Don’t silence significant voices

Dear Sir

Asian Affairs manages to present a wide spread of interesting and informative articles which I thoroughly enjoy reading .Your September issue contains two fine articles focusing on the gradual alienation of minority communities of India and the decline of traditional pluralism and secular values due to a significant rise of Hindutva across the country promoted by an extreme right section of the majority Hindu community. Both Kuldip Nayar in Can Secularism Be Saved and Rita Payne in her review of Saeed Naqvi’s book  refer to the Indian Muslims’ deep feelings of insecurity and the government more or less ignoring the blatant anti-Muslim activities of RSS and BJP activists under the slogan of ‘cow protection’. Ignoring the discriminatory and unequal treatment of minorities, particularly of Muslims and Sikhs, is incredible and worrying. There is little being done to control the anti-Muslim activities of hard-core Hindu fundaments.

Sikhs don’t seem to have forgotten the betrayals of post-independence Indian political leaders not honouring their promise of providing them with a state where they could accomplish their full aspirations. Nor have they forgotten the state-sponsored atrocities of the 1980s in the name of ‘law and order’ and the massacre of Sikhs in Delhi and other cities. The voices for Khalistan may have been muted in the Punjab for pragmatic political reasons but a significant section of Sikhs in the diaspora still believes in the RSS’s conspiracy of Sikh annihilation. Both articles link the contemporary situation with the partition of India in 1947. Sadly, the 70th year of partition is primarily being celebrated in the context of emergence of an independent India and Pakistan, marginalising the costs paid largely by Muslims and Sikhs through horrific bloodshed. Interestingly, both authors reach a similar positive conclusion that it is possible to save a plural, secular India if the authorities and senior politicians attempt to reach out to the minorities to discuss and understand their feelings.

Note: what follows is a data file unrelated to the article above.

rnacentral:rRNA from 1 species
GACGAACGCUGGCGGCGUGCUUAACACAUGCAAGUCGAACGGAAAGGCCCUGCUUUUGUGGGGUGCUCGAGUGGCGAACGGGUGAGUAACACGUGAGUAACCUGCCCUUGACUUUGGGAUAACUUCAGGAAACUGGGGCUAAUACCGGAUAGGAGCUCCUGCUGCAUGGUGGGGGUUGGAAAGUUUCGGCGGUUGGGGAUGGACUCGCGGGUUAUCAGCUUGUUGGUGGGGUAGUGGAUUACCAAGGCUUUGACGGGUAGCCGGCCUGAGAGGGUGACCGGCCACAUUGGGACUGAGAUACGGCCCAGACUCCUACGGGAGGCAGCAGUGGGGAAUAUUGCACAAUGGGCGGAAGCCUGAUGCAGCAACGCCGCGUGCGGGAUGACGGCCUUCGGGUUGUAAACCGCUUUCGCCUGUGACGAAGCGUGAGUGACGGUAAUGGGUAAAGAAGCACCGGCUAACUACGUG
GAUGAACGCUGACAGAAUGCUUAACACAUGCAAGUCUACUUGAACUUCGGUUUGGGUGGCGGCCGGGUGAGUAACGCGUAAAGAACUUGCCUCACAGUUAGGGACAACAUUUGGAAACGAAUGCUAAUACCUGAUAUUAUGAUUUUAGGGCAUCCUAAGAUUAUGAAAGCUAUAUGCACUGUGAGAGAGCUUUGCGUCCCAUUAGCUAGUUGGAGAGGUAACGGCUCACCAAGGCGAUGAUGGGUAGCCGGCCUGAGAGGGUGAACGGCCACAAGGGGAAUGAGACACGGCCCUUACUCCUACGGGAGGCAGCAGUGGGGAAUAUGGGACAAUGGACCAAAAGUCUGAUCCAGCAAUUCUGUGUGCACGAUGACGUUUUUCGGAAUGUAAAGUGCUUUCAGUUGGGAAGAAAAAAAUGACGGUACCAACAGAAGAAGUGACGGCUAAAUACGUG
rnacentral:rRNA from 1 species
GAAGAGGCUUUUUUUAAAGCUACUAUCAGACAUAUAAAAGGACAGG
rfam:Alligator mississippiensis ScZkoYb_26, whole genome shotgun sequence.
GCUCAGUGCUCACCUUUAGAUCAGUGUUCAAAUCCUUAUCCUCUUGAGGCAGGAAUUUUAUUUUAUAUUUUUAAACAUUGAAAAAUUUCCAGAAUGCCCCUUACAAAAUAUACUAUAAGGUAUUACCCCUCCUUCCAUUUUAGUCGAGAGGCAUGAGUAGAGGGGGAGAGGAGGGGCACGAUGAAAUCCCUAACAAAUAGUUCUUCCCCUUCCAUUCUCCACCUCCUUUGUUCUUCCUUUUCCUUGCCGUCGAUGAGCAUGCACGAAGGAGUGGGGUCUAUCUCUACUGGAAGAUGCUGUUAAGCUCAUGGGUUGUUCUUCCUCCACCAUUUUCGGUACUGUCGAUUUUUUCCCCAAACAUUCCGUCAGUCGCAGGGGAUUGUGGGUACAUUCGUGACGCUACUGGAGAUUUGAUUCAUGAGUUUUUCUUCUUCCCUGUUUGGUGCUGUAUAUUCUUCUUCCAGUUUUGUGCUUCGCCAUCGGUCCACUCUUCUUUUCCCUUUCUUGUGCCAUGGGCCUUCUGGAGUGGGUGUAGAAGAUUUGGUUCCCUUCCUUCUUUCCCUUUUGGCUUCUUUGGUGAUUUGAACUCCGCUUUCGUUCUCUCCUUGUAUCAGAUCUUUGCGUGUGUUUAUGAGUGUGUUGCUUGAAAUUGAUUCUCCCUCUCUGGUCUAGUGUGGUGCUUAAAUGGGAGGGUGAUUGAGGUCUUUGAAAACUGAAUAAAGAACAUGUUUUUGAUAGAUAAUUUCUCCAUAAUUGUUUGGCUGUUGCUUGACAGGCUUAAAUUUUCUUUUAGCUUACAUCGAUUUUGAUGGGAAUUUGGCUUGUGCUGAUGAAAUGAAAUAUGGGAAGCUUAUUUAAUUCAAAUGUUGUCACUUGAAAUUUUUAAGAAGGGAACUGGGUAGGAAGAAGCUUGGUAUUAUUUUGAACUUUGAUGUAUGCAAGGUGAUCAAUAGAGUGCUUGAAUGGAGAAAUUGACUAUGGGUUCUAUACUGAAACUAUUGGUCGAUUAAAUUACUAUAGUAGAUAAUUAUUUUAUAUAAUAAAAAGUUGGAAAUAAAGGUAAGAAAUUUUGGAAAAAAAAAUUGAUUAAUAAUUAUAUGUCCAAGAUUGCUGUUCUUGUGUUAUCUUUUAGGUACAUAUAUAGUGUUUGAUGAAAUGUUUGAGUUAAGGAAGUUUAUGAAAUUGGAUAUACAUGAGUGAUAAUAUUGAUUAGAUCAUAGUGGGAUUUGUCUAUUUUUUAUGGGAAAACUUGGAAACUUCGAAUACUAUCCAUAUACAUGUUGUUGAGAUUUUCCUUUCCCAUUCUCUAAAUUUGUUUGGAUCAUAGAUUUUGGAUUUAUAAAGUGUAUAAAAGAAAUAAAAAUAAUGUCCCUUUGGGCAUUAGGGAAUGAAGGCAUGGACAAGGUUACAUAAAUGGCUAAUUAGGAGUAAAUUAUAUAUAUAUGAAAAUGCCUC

Dr Ramindar Singh, MBE DL
Pudsey, West Yorkshire

A doomed democracy?

The report on a seminar conducted by The Democracy Forum in the September issue of Asian Affairs gave thought-provoking perspectives about Pakistan and its shattered democracy. The panel of speakers provided deep insights about the nation’s political affairs.

The term ‘bonsai democracy’, as pointed out by Dr Farzana Shaikh, suits Pakistan’s political reality as the growth of democracy is being restricted. The recent ouster of Nawaz Sharif is unsurprising to many in a country that has not witnessed even one democratically elected Prime Minister serving their full tenure of five years.

I believe that Pakistan has always been a ‘democracy of dictatorships’. From Zulfikar Ali Bhutto’s death sentence to the recent ouster of Nawaz Sharif, most of the country’s democratically elected Prime Ministers have experienced serious conditions (in most cases the army being the reason), which led to their overthrow. The moment the verdict against Nawaz Sharif was announced, many applauded the country’s judiciary. But at the same time, as one of the seminar speakers pointed out, repeated ousters of the country’s leaders could lead to unaccountability. Also, the fact that a huge proportion of youngsters are disengaged from political participation because of disillusioned ideas about democracy is shocking. Worse still, even some educated youngsters tend to think of Islam and democracy as incompatible.

Democracy is not necessarily the ideal system to meet young people’s rights, as concluded by Professor Marie Lall. But the fact that ideals of democracy are being questioned in Pakistan’s educational institutions is alarming. This being the case, it is worth wondering whether Pakistan will cease to identify itself as a democracy.

I would like to applaud TDF for conducting this seminar. May there be many more.

Haritha Menon


Time to tweet

Dear Sir

I recently started reading Asian Affairs and find the articles very informative and thoughtfully chosen. But can this young reader ask that Asian Affairs magazine makes more use of social media?

Krishna TP


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